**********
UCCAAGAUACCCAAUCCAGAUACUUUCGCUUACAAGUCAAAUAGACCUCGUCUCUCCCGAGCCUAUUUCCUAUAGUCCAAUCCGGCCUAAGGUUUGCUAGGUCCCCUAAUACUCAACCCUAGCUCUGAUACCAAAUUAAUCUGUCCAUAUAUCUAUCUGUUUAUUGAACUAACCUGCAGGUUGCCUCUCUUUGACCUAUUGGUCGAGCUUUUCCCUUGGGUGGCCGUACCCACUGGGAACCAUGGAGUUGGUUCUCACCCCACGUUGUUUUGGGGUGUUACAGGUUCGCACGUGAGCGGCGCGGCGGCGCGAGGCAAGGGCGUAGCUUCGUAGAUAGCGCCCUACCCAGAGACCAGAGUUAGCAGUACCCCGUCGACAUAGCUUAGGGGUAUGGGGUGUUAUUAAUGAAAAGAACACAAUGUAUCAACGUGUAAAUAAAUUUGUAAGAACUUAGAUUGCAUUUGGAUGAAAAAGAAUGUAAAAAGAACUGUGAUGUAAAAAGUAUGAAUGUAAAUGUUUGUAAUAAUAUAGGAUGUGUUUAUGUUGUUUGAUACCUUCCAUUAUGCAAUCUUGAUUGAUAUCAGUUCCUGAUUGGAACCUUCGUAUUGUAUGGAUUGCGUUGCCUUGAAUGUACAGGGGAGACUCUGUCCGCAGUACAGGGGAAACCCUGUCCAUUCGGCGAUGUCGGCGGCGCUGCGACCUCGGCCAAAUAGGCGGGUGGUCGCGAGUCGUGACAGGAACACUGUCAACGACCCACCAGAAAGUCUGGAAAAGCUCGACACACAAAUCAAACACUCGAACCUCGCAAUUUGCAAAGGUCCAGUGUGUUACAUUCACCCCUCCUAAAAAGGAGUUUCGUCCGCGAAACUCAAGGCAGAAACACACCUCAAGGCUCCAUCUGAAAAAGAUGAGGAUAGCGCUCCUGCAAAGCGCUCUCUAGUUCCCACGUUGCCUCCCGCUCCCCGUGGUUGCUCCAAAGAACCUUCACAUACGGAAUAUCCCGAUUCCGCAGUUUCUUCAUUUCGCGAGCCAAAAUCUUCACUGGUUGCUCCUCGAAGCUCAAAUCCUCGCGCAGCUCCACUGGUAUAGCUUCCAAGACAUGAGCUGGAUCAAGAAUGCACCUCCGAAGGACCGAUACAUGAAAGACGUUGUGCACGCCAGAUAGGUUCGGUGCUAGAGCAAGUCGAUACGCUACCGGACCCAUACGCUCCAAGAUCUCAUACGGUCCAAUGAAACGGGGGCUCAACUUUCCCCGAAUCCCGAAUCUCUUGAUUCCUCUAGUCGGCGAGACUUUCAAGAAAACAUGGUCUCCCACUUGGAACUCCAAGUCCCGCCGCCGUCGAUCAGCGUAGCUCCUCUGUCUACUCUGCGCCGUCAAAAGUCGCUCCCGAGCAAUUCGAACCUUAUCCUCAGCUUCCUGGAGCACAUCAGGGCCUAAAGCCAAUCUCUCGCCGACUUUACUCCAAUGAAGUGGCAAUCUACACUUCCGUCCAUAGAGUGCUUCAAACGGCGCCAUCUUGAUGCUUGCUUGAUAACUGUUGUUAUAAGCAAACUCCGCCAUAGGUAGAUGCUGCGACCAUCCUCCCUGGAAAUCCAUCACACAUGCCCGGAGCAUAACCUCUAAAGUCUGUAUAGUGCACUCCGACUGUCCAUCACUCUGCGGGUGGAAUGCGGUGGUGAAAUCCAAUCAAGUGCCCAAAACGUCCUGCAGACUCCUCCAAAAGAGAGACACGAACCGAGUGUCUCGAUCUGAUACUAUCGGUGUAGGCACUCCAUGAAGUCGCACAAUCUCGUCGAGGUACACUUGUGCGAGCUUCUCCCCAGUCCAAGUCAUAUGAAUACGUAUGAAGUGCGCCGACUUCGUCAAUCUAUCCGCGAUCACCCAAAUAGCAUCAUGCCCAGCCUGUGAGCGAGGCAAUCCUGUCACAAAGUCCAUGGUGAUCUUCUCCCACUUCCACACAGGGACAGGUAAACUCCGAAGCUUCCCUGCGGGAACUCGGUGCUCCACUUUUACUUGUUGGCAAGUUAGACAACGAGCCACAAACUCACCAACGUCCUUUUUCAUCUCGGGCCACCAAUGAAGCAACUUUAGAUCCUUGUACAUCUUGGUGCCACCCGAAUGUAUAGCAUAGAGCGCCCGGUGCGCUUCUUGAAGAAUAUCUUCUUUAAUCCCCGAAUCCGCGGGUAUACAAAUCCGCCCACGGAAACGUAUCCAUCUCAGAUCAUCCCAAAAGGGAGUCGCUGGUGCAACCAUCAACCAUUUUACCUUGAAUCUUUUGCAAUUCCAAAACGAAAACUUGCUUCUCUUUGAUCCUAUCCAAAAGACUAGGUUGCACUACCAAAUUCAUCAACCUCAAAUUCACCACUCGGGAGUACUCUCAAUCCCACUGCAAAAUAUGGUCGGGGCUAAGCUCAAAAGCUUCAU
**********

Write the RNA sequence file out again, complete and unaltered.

UCCAAGAUACCCAAUCCAGAUACUUUCGCUUACAAGUCAAAUAGACCUCGUCUCUCCCGAGCCUAUUUCCUAUAGUCCAAUCCGGCCUAAGGUUUGCUAGGUCCCCUAAUACUCAACCCUAGCUCUGAUACCAAAUUAAUCUGUCCAUAUAUCUAUCUGUUUAUUGAACUAACCUGCAGGUUGCCUCUCUUUGACCUAUUGGUCGAGCUUUUCCCUUGGGUGGCCGUACCCACUGGGAACCAUGGAGUUGGUUCUCACCCCACGUUGUUUUGGGGUGUUACAGGUUCGCACGUGAGCGGCGCGGCGGCGCGAGGCAAGGGCGUAGCUUCGUAGAUAGCGCCCUACCCAGAGACCAGAGUUAGCAGUACCCCGUCGACAUAGCUUAGGGGUAUGGGGUGUUAUUAAUGAAAAGAACACAAUGUAUCAACGUGUAAAUAAAUUUGUAAGAACUUAGAUUGCAUUUGGAUGAAAAAGAAUGUAAAAAGAACUGUGAUGUAAAAAGUAUGAAUGUAAAUGUUUGUAAUAAUAUAGGAUGUGUUUAUGUUGUUUGAUACCUUCCAUUAUGCAAUCUUGAUUGAUAUCAGUUCCUGAUUGGAACCUUCGUAUUGUAUGGAUUGCGUUGCCUUGAAUGUACAGGGGAGACUCUGUCCGCAGUACAGGGGAAACCCUGUCCAUUCGGCGAUGUCGGCGGCGCUGCGACCUCGGCCAAAUAGGCGGGUGGUCGCGAGUCGUGACAGGAACACUGUCAACGACCCACCAGAAAGUCUGGAAAAGCUCGACACACAAAUCAAACACUCGAACCUCGCAAUUUGCAAAGGUCCAGUGUGUUACAUUCACCCCUCCUAAAAAGGAGUUUCGUCCGCGAAACUCAAGGCAGAAACACACCUCAAGGCUCCAUCUGAAAAAGAUGAGGAUAGCGCUCCUGCAAAGCGCUCUCUAGUUCCCACGUUGCCUCCCGCUCCCCGUGGUUGCUCCAAAGAACCUUCACAUACGGAAUAUCCCGAUUCCGCAGUUUCUUCAUUUCGCGAGCCAAAAUCUUCACUGGUUGCUCCUCGAAGCUCAAAUCCUCGCGCAGCUCCACUGGUAUAGCUUCCAAGACAUGAGCUGGAUCAAGAAUGCACCUCCGAAGGACCGAUACAUGAAAGACGUUGUGCACGCCAGAUAGGUUCGGUGCUAGAGCAAGUCGAUACGCUACCGGACCCAUACGCUCCAAGAUCUCAUACGGUCCAAUGAAACGGGGGCUCAACUUUCCCCGAAUCCCGAAUCUCUUGAUUCCUCUAGUCGGCGAGACUUUCAAGAAAACAUGGUCUCCCACUUGGAACUCCAAGUCCCGCCGCCGUCGAUCAGCGUAGCUCCUCUGUCUACUCUGCGCCGUCAAAAGUCGCUCCCGAGCAAUUCGAACCUUAUCCUCAGCUUCCUGGAGCACAUCAGGGCCUAAAGCCAAUCUCUCGCCGACUUUACUCCAAUGAAGUGGCAAUCUACACUUCCGUCCAUAGAGUGCUUCAAACGGCGCCAUCUUGAUGCUUGCUUGAUAACUGUUGUUAUAAGCAAACUCCGCCAUAGGUAGAUGCUGCGACCAUCCUCCCUGGAAAUCCAUCACACAUGCCCGGAGCAUAACCUCUAAAGUCUGUAUAGUGCACUCCGACUGUCCAUCACUCUGCGGGUGGAAUGCGGUGGUGAAAUCCAAUCAAGUGCCCAAAACGUCCUGCAGACUCCUCCAAAAGAGAGACACGAACCGAGUGUCUCGAUCUGAUACUAUCGGUGUAGGCACUCCAUGAAGUCGCACAAUCUCGUCGAGGUACACUUGUGCGAGCUUCUCCCCAGUCCAAGUCAUAUGAAUACGUAUGAAGUGCGCCGACUUCGUCAAUCUAUCCGCGAUCACCCAAAUAGCAUCAUGCCCAGCCUGUGAGCGAGGCAAUCCUGUCACAAAGUCCAUGGUGAUCUUCUCCCACUUCCACACAGGGACAGGUAAACUCCGAAGCUUCCCUGCGGGAACUCGGUGCUCCACUUUUACUUGUUGGCAAGUUAGACAACGAGCCACAAACUCACCAACGUCCUUUUUCAUCUCGGGCCACCAAUGAAGCAACUUUAGAUCCUUGUACAUCUUGGUGCCACCCGAAUGUAUAGCAUAGAGCGCCCGGUGCGCUUCUUGAAGAAUAUCUUCUUUAAUCCCCGAAUCCGCGGGUAUACAAAUCCGCCCACGGAAACGUAUCCAUCUCAGAUCAUCCCAAAAGGGAGUCGCUGGUGCAACCAUCAACCAUUUUACCUUGAAUCUUUUGCAAUUCCAAAACGAAAACUUGCUUCUCUUUGAUCCUAUCCAAAAGACUAGGUUGCACUACCAAAUUCAUCAACCUCAAAUUCACCACUCGGGAGUACUCUCAAUCCCACUGCAAAAUAUGGUCGGGGCUAAGCUCAAAAGCUUCAU